5. The system of claim 1, wherein the first server includes a service control point.
6. The system of claim 1, wherein the second server includes a telephony server.
7. The system of claim 1, wherein the second server includes an electronic mail server.
8. The system of claim 1, wherein the third server is in communication with the Internet.
US09995142 2001-11-27 2001-11-27 Emergency notification system Active US6792081B1 (en)

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Application Number Priority Date Filing Date Title
US09995142 US6792081B1 (en) 2001-11-27 2001-11-27 Emergency notification system

Applications Claiming Priority (6)

Application Number Priority Date Filing Date Title
US09995142 US6792081B1 (en) 2001-11-27 2001-11-27 Emergency notification system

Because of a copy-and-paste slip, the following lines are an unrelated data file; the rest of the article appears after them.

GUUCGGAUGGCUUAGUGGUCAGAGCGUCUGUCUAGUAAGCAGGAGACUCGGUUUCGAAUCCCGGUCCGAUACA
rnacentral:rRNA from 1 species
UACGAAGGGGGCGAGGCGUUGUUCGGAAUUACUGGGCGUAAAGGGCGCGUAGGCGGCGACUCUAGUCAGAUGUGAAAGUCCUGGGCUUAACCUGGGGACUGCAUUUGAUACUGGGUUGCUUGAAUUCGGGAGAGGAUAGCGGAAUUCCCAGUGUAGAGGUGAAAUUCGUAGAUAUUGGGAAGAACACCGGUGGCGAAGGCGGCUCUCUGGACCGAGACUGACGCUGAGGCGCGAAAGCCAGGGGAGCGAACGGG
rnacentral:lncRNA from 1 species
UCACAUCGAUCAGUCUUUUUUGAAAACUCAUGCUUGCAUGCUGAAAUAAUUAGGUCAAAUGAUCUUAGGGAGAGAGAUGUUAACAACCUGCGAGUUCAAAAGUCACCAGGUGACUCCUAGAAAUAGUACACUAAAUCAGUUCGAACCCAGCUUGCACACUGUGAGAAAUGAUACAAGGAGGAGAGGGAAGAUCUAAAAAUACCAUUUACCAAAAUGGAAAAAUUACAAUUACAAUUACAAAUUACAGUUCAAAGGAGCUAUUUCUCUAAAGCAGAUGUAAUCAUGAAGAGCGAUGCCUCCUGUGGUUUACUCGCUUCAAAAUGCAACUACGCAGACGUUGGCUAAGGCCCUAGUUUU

US10457684 US7016477B2 (en) 2001-11-27 2003-06-09 Method of notifying a party of an emergency
US11272286 US7627092B2 (en) 2001-11-27 2005-11-09 Method of notifying a party of an emergency
US12608035 US8259909B2 (en) 2001-11-27 2009-10-29 Method of notifying a party of an emergency
US13584906 US8660241B2 (en) 2001-11-27 2012-08-14 Method of notifying a party of an emergency
US14186164 US9270823B2 (en) 2001-11-27 2014-02-21 Method of notifying a party of an emergency